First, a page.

Discussion in 'Early CJ5 and CJ6 Tech' started by Mr Vaughan, Apr 19, 2021.
what about when it's folded down/off?
I would just buy a new harness from Walcks 4wd. Super easy to install and fits perfectly. That's what I did for Ted and as I add stuff, I add extra wires.
My wiring harness was a complete disaster. It had been hacked up over the years to install stuff and had caught fire a couple times.
I got the wiring diagram from the manual and colorized it based on the colors in my jeep which were mostly all stock. I replaced a couple of the harnesses that were wrecked (Dome light, bed (this is a pickup)) but behind the dash I just repaired and replaced melted wires. It's not perfect or all new but I know where all the wires go now and what color they are. I only had 4 colors to choose from (the factory apparently had dozens) but I altered my diagram to match.
It can be hard to find the OEM style connectors but it's worth finding new or "rebuilding" the old ones to replace harnesses one at a time. I know this chart doesn't help you, it's for a 65 Gladiator with a 327, but this is a vote for 1) Learn the stock wiring and 2) only replace what's busted.
Just as an FYI a welded dash would indicate your jeep came from the factory with a hard top. if you check with a mirror you'll undoubtedly find the weldnuts are there for a bolt on dash. I don't see any reason why you can't grind the welds down to pop the dash loose & then bolt it back on afterwards; it *will* make wiring a lot easier if it's loose.
I used the Walcks harness & I think it's great- you get a lot for your money.
But it's still a lot of money
I was kidding. I'll probably end up with all the gauges and the ignition switch wired up but piled in the passenger seat. I can see myself rooting around with one hand in-between shifts, tryin to find the temperature gauge or something. Also kidding. But I do wish I could unbolt my dash.
!!! ??? Did not know that.
i heard that somewhere. this also seems to indicate a factory hardtop
Could be a Clue yes...
What year is your jeep? The hardtop I was thinking of looked like this-
'61. i believe it's a kelly, but we were unable to pin down the exact model, as it was very close to a few different models.
I had one of those, but my dash was bolted on. Do I win a prize? Can I say mine is.....rare?
They were available through the aftermarket as well, IIRC there's a few minor differences , I think the factory version was a sliding door & aftermarket hinged.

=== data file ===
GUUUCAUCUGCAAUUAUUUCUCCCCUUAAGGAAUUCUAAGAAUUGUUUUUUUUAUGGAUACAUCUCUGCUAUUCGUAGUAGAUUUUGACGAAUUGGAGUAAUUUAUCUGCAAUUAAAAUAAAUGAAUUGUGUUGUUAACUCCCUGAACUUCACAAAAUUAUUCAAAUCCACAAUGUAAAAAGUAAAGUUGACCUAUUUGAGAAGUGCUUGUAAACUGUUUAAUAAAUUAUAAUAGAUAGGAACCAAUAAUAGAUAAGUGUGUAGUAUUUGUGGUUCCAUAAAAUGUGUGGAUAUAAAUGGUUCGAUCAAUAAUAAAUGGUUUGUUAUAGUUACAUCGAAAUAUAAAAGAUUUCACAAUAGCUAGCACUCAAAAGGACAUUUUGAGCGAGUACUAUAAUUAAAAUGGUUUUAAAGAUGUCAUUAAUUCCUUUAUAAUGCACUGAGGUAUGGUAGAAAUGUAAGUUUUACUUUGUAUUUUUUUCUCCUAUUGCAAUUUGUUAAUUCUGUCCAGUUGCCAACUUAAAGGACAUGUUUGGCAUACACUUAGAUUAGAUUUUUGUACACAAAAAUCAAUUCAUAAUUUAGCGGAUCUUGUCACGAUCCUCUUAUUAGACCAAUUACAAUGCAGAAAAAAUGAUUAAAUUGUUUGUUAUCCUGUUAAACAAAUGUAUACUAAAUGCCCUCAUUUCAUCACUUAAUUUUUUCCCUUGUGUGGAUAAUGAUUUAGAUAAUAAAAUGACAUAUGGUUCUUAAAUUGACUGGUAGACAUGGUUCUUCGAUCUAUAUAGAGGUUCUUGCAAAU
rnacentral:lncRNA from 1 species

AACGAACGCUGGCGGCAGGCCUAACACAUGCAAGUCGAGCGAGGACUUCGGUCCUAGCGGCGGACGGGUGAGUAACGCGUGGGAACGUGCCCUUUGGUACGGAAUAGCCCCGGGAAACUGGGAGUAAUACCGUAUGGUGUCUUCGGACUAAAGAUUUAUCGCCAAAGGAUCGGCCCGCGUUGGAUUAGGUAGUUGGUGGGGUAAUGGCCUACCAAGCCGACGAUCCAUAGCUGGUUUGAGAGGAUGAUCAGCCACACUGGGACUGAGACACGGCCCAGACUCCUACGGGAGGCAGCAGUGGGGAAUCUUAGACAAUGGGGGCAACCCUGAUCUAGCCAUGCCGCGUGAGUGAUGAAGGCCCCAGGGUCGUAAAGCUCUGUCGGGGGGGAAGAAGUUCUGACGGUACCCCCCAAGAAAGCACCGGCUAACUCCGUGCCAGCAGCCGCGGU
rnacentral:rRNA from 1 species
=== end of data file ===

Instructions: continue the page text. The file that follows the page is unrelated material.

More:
That will do it, my doors hinged!
my dash might have been welded on by someone else as well, there was a lot of welding done on it.
If you build your own wiring harness. I would run a dedicated ground to what ever you run power to. Will use more wire but will pay off in the future. I would not depend on body grounds
I also ground off the welds holding my 61" dash on . The holes were in the cowl , so I marked and drilled the holes in the dash and attached it with bolts. All tubs were made with dash mounting holes for the CJ5 and M38A1. A good upgrade would be to weld nuts on each hole in the cowl., making it easier to remove bolt and dash without being a contortionist. Several of the early Cj5's I have own all had welded dashes with soft tops from factory.
The only welded dashes I have come across are from '60-'63, and a couple were hardtop CJ5s, but not all.
For what it's worth, I've been through the re-wiring process three times now...
'51 CJ3A - 20 years ago I rewired the entire rig myself using components I purchased at FLAPS and a couple online sites.
'52 M38 - 15 years ago, completely rewired the 24 volt system using a harness from Vintage Wiring of Maine (expensive but was everything I needed to go back to 24v military specs).
'56 CJ5 - rewired it in 2019 using a Walcks 6v harness. The Jeep was wired with about 90% of the original harness but the cloth was wearing so badly across the board that I opted to replace the entire thing rather than wrap with electrical tape or patch/splice. The extra cost comes in because the Walcks harness is plastic coated wiring for today's specs, with the colored cloth wrap/loom over that to look original. It also uses the original style connectors.
Regardless of the route you take, as mentioned by others go slowly and methodically. It's actually rewarding and fun when you get done and everything works! You'll run into some glitches here and there that you'll have to work around, but that's part of the process.
If I had to do it again I'd go with a Walcks, or similar, harness. It's just so easy to do that way and as I get older I'm willing to trade simplicity for the extra cost, unless its out of my budget.
With the CJ5 I used LED brake lights as the 6v incandescents were a bit dim for my liking and I may move towards LEDs for the cluster, headlights and front marker lights as they need replacement.
Today I organized the wiring harness in my jeep using my old cowl, which is pretty useless other than for this use. If you can find a rotten tub, I'd definitely recommend following in my footsteps. It was really nice working standing up at my workbench!
That's cool. I like that idea. The cowl is the last part to rot away, so extras should be out there.
I would ask myself how much effort could I expend to get a second cowl. If you just want a jig, you could make one from some scrap plywood or masonite and support it with scrap lumber. Be sure to ground the instruments before testing. It would still be valuable for getting your wire lengths right, neat bundling, and testing.
To Levi, you asked for schooling. What have you learned? Have you been studying?
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